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Bēhance

Martin Parr & The Art of Dining Say Cheese in Tokyo

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  • On the seventh floor of an office building, you enter a typical English café setting with gingham table cloths, plastic flowers on the table, pictures of Lady Di and Mrs T, copies of the Sun and other very British items adorning the surroundings. The waiting staff are mostly English, wearing floral pinnies, and the five courses are all based on different Parr photos. But there is a twist: the food looks just like the images but tastes completely unlike what you expect. An English tea cup is filled with a tea coloured liquid, poured from a tea pot, which turns out to be a delicious Thai broth. A doughnut is actually savoury, made from lentils and served with a coconut chutney. Fish and chips are served in a Tesco bag. Lurid orange fairy cakes turn out to be moist carrot cakes served with a fragrant chai. Each course is introduced by Alice, holding up a postcard of the image. The diners take away a signed set of MP postcards showing the meal they have just eaten.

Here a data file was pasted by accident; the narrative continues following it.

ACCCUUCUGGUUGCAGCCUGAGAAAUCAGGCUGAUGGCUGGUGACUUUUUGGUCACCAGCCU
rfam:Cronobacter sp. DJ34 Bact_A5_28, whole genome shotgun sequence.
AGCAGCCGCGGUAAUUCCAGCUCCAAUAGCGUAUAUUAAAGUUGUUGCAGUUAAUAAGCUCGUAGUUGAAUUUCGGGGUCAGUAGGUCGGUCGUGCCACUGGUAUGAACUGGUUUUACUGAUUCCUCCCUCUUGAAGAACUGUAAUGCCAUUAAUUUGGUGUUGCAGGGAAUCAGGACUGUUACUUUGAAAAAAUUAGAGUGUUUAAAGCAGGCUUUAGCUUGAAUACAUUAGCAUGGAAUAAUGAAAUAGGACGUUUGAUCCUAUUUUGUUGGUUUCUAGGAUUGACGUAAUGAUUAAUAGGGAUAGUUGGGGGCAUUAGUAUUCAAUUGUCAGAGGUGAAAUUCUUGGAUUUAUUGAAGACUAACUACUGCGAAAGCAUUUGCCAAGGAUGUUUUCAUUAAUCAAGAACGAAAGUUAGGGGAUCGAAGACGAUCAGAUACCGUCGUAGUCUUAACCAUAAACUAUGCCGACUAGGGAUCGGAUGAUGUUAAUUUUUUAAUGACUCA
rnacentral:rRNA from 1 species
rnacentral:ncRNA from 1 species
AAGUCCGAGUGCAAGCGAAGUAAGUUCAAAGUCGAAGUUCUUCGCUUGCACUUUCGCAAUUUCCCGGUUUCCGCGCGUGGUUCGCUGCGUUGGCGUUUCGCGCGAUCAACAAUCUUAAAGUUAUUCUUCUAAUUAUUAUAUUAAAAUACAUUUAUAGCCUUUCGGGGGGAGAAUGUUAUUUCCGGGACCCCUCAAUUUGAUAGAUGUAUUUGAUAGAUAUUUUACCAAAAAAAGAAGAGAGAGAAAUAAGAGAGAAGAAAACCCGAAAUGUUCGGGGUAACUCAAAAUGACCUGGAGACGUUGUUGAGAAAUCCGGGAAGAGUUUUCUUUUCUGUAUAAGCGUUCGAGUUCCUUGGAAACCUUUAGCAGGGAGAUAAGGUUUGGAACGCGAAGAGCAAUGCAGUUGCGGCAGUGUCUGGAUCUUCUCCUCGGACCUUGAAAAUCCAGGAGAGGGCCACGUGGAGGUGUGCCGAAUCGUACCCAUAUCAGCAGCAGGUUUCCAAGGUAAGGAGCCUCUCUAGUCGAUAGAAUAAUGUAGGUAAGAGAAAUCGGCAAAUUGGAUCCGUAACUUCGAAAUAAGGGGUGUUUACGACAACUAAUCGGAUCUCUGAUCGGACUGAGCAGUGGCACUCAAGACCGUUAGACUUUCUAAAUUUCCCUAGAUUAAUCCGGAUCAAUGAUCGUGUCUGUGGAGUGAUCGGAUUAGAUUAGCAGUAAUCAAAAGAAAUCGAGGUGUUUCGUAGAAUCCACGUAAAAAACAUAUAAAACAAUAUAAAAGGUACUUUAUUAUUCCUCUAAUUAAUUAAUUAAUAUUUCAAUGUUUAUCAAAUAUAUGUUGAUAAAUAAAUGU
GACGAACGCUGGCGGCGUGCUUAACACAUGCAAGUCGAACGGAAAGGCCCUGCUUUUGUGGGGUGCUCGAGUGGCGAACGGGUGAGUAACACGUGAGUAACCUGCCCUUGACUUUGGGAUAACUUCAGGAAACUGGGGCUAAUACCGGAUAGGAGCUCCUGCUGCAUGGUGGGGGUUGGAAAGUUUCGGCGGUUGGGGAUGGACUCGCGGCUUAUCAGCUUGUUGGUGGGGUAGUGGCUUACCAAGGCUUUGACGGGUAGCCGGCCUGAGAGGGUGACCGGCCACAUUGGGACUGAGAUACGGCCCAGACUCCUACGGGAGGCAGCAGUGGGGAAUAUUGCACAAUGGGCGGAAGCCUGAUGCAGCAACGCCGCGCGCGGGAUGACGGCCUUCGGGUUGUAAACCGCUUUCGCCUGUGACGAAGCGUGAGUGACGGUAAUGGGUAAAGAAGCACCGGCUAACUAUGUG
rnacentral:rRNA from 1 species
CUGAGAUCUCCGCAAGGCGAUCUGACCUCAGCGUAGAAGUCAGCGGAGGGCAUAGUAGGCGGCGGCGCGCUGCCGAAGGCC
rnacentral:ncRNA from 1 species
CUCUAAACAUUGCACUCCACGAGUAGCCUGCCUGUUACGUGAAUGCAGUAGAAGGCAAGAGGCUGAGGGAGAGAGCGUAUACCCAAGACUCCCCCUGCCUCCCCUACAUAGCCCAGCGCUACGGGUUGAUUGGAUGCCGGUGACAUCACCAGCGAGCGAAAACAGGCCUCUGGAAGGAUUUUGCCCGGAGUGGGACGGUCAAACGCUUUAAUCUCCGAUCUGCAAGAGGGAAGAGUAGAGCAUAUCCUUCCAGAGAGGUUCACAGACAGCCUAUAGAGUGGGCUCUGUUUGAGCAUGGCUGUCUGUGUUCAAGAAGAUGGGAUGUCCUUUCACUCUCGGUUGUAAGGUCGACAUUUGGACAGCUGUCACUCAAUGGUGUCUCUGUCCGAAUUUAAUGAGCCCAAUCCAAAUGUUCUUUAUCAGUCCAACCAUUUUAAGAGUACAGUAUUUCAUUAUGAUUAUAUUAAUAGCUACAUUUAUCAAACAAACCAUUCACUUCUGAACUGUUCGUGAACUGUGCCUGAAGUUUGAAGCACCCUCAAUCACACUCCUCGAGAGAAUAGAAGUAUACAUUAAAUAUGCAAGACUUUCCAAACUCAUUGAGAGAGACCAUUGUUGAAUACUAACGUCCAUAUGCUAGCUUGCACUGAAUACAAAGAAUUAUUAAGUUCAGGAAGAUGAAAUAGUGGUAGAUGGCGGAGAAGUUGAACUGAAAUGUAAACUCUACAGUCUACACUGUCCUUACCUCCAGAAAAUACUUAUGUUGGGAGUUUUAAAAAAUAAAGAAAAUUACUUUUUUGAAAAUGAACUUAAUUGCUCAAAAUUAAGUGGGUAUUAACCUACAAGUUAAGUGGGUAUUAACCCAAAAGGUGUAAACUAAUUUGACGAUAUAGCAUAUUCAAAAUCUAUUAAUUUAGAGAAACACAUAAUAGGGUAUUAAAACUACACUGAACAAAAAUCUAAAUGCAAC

With the help of producer and entrepreneur Ivan Vatarin (fortuitously a fluent Japanese speaker) the girls managed to source the ingredients - including cod from the famous Tokyo fish market - and the four nights of the pop up sold out with Ivan's extensive network.. Pop up restaurants are not known in Japan, so this was a difficult concept to grasp at first. But the excitement and challenge of a kind of greasy spoon theme park attracted people from across Tokyo. The food was relished and seemed to cause delight and amusement amongst the customers.
    - Martin Parr